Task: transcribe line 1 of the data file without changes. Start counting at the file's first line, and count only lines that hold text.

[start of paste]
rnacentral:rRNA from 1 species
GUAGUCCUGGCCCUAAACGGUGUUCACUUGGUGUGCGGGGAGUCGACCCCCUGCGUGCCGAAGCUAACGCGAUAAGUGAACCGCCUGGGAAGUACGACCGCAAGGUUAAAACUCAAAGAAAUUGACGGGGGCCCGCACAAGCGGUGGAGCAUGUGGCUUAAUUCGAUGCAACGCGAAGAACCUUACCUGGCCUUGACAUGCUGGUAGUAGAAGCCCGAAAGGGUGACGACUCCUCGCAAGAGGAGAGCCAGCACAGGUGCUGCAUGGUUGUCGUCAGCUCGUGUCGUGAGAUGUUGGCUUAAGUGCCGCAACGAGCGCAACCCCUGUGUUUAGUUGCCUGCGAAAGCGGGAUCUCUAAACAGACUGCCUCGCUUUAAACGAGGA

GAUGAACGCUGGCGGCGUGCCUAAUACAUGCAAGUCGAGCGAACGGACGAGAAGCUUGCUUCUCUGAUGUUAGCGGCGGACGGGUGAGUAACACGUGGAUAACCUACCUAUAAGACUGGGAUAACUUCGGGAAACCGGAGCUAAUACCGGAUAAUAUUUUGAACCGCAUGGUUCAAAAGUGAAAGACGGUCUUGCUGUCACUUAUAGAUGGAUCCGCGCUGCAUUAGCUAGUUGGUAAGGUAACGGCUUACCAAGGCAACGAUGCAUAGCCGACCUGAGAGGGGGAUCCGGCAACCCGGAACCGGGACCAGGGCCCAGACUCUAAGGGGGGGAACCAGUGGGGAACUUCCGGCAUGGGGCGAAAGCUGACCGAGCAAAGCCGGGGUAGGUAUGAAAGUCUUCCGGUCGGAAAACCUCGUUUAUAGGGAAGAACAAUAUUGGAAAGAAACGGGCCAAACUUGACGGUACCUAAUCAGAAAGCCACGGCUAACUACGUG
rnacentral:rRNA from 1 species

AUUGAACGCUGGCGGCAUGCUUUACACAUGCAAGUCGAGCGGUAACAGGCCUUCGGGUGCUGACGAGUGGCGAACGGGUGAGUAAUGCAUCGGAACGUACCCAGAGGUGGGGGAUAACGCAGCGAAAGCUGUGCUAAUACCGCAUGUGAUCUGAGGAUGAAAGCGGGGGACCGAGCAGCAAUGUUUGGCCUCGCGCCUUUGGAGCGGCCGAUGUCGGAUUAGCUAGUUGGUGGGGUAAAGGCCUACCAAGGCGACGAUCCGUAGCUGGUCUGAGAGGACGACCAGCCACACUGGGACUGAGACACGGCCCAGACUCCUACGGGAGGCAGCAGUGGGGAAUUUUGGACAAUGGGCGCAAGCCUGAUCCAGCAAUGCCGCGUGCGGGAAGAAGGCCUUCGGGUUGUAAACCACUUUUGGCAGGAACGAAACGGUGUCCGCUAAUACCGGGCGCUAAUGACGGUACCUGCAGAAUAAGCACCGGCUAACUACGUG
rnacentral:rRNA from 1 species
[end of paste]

rnacentral:rRNA from 1 species